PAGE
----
Man Released After 29 Years on Death Row by Arizona State Court, Despite U.S. Supreme Court Refusing to Free Him

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By The Vanguard Staff

TUCSON, AZ – A federal district court judge five years ago ordered Barry Jones’ conviction overturned and death sentence vacated, but the U.S. Supreme Court, according to a defense statement, refused to act, ignoring “its own precedents to hold that the federal courts would not be permitted to even consider the new evidence proving (Jones) was wrongfully convicted.”

Thursday, however, Pima County Superior Court vacated his convictions and death sentence, a statement from global law firm Squire Patton Boggs stated Thursday. 

“Today, Barry Jones was granted his freedom decades after he was wrongfully convicted and sentenced to death in Arizona for fatally assaulting Rachel Gray, a four-year-old child,” according to the statement.

“A federal district court judge ordered in 2018 that Mr. Jones’s convictions be vacated based on the compelling medical evidence that it was not Barry Jones who caused Rachel’s fatal injuries; and a unanimous panel of Ninth Circuit U.S. Court of Appeals affirmed,” but last year the SCOTUS refused to set Jones free, noted the statement for Jones.

But the Supreme Court did not block the state of Arizona from reconsidering the evidence and “the Arizona Attorney General agreed that Mr. Jones’s conviction for assaulting Rachel and the resulting death sentence could not stand. The Arizona Attorney General joined Mr. Jones in asking the Pima County Superior Court to vacate his convictions and death sentence,” according to a defense statement.

“After almost 30 years on death row for a crime he did not commit, Barry Jones is finally coming home,” said Federal Public Defender Cary Sandman, whose office has represented Barry Jones for over 20 years. “Mr. Jones spent nearly three decades on Arizona’s death row despite compelling evidence that he was innocent of charges that he had fatally assaulted Rachel Gray.”

Jones now has agreed to plead guilty to second degree murder, because, said the defense, he “neglected  to take Rachel to the hospital on the night before she died, despite seeing how sick she was, from a still unknown fatal internal injury.” Jones is sentenced to time served.

“The flawed evidence supporting Barry’s convictions and death sentence resulted from a combination of shoddy and constitutionally deficient defense lawyering, junk science and myopic police work,” said Sandman.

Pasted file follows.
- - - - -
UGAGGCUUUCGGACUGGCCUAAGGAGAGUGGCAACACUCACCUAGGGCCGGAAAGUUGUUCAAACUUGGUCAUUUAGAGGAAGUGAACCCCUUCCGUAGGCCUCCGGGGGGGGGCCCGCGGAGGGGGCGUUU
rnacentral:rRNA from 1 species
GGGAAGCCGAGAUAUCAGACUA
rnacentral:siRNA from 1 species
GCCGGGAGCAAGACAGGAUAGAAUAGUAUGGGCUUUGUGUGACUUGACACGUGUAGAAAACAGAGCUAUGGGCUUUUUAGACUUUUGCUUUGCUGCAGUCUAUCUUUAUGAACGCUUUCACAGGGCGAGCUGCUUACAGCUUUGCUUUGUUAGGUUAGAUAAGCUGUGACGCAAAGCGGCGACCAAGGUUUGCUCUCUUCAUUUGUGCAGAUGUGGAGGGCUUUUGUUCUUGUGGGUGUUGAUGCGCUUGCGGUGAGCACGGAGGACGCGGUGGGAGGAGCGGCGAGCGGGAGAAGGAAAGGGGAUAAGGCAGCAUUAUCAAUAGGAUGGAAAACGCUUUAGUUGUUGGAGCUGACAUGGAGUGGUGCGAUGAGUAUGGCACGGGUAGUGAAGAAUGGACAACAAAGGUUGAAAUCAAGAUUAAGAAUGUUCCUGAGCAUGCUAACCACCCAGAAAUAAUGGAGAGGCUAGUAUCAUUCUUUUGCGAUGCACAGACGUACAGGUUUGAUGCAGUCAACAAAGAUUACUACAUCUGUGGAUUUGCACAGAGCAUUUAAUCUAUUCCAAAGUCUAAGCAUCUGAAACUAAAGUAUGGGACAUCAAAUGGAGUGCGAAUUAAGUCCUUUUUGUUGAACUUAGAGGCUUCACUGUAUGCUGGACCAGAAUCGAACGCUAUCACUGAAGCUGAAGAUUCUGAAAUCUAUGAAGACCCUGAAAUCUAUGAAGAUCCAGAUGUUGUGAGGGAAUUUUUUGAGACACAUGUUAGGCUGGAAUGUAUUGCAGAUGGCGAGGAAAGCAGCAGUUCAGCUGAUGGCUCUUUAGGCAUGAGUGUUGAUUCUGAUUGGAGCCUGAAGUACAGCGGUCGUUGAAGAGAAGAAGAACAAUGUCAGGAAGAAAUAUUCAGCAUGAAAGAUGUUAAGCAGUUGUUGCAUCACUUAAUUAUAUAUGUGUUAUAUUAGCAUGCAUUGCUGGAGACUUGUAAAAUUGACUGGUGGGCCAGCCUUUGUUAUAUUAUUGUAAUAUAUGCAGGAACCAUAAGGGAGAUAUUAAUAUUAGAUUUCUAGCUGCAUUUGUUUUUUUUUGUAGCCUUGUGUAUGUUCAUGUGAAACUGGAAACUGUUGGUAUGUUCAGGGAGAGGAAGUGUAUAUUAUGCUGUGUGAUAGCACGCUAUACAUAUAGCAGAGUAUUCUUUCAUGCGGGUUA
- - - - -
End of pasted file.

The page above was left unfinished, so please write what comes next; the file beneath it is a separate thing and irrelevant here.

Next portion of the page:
The federal defender added, “Two federal courts granted him habeas corpus relief, but he remained on death row because of a 2022 U.S. Supreme Court decision in the case of Shinn v. Ramirez and Jones. In Shinn, the Court gutted its own precedents and rendered federal courts powerless to even consider the very evidence proving Barry had been wrongfully convicted and denied a constitutionally just trial.”

The defense said at Jones’s 1995 trial, Arizona prosecutors “claimed that Rachel died as a result of an injury she sustained while in his care. This could have been easily disproven. 

“But Mr. Jones’s court-appointed lawyer failed to conduct any investigation and, as a result, did not discover readily available medical evidence that would have proven beyond any doubt that Rachel sustained her internal injuries when she was not in Mr. Jones’s care. Because Mr. Jones’s jury heard none of this evidence, it convicted him, and the trial judge sentenced him to death.”

“We are profoundly grateful to the Arizona Attorney General and the Pima County Attorney for taking a fresh look at Mr. Jones’s case and acknowledging he had never received a fair trial, just as the federal district court and the Ninth Circuit had previously found. We hope that Barry can enjoy the rest of his life in peace surrounded by his family and friends,” said Sandman.

U.S. District Judge Timothy M. Burgess (whose decision vacating Mr. Jones’s conviction was overturned by the Supreme Court last year) will hold a status conference June 21 “to formally close Mr. Jones’s federal habeas proceedings,” said the defense.

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